ROC curve of perforin expression was conducted for discrimination between AML cases and control groups. Using area under curve of 0.978, cutoff values of less than or equal to 30.9, P value less than 0.001, and confidence interval 95%=0.951–1.000, perforin had sensitivity of 88.3, specificity of 98.3, positive predictive value of 98.1, and negative predictive value of 89.4 to predict AML [Figure 2].
Figure 2: ROC curve for perforin expression to diagnose AML group. AML, acute myeloid leukemia; ROC, receiver operating characteristic.

Click here to view

Based on the estimated cutoff point, perforin was downregulated (≤30.9) in 53 patients, representing 88.3% of the studied patients. Perforin expression had significant relation with disease cytogenetics (P = 0.018) and achievement of complete remission at the end of induction phase (response) (P = 0.043).

At the end of induction phase, only 46.7% (28 patients) of the patients experienced complete remission and were categorized as good responders and the rest were considered as poor responders. The relation between response and other patient features revealed significant relation between good response and higher perforin expression, older age, presence of splenomegaly, hepatomegaly, FAB categories other than M3, lower hemoglobin level, and patient's fate at the end of follow-up period. [Table 2].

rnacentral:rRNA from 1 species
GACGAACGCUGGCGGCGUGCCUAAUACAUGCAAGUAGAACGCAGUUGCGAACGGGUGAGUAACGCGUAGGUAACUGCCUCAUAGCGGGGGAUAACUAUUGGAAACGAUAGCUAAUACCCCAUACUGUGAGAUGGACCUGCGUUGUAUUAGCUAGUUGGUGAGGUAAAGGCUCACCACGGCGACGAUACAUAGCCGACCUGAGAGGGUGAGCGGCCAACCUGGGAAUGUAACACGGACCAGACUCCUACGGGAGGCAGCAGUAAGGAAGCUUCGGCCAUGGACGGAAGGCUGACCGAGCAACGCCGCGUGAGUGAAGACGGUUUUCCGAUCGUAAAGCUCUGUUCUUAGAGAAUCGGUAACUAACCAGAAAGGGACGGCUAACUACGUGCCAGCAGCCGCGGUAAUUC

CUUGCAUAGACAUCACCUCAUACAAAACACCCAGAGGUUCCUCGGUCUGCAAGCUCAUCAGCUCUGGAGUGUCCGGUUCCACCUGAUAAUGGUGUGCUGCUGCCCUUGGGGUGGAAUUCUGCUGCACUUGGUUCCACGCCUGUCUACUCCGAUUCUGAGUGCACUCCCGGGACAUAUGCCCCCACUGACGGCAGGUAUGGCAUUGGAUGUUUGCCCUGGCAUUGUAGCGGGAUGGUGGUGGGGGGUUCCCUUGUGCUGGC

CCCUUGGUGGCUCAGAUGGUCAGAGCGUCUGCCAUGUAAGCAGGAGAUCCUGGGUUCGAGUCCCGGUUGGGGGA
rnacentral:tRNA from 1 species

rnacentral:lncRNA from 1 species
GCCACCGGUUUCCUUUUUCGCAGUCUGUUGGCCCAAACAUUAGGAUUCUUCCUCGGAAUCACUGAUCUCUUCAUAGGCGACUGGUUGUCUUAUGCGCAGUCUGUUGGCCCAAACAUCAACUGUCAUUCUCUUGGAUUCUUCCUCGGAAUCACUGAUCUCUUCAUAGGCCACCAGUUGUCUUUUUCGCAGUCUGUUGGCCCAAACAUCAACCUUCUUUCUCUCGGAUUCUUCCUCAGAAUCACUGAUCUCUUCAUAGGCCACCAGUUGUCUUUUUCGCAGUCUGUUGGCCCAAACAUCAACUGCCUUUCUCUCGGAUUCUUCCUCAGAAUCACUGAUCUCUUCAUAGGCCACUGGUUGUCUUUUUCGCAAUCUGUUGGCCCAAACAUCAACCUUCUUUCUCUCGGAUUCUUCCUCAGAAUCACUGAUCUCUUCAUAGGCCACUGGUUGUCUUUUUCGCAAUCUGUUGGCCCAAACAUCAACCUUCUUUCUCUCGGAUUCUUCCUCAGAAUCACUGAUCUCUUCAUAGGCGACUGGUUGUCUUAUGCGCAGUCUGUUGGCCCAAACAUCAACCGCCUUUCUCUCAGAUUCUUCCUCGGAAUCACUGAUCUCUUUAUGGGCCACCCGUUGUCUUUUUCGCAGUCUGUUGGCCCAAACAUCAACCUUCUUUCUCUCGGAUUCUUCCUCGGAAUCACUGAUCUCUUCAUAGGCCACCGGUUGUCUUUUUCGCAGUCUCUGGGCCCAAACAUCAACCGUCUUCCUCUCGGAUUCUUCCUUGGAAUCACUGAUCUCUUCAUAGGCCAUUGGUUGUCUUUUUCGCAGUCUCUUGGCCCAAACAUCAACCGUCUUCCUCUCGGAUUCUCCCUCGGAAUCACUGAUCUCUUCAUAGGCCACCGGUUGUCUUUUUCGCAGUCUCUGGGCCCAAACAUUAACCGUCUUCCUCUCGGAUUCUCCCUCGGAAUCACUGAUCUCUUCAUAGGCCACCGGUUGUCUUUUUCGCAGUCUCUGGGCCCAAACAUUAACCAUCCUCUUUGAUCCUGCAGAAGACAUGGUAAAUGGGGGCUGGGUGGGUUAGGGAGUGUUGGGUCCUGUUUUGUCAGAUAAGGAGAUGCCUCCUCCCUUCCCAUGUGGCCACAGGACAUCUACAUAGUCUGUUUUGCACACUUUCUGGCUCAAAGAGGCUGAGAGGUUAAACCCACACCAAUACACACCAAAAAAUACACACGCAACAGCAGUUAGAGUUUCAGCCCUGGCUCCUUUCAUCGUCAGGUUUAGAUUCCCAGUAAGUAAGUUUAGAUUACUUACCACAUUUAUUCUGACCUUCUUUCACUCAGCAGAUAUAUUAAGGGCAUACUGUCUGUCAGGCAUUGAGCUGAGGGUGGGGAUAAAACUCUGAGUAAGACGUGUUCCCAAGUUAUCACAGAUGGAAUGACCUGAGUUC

Table 2: Relation between response and different parameters for acute myeloid leukemia group (n=60)

Click here to view

Logistic regression analysis was conducted for prediction of incomplete response using age, sex, splenomegaly, hepatomegaly, poor cytogenetics, CNS involvement, lymph node involvement, M3, total leukocytic count, and perforin expression as covariates. Older age and poor cytogenetics were considered as independent risk predictors for poor response in studied AML cases [Table 3].
Table 3: Univariate and multivariate analyses for the parameters affecting response

Click here to view

The mean survival of the studied patients was 5.23 months. At the end of follow-up period, 55% of patients were alive. The relation between patient factors and perforin expression revealed that there was no significant relation between perforin expression and overall survival in the studied patients [Table 4].
Table 4: Relation between overall survival and different parameters for acute myeloid leukemia group (n=60)

Click here to view

  Discussion Top

After viral or other infections, activated effector T and NK cells form an immunologic synapse with target cells and then release specialized granules that mediate cellular cytotoxicity. Mutations in genes that encode key components of the CD8 T cell and NK cell cytolytic pathway can lead to defects of cytotoxic function and failure of elimination of infected and malignant cells [10].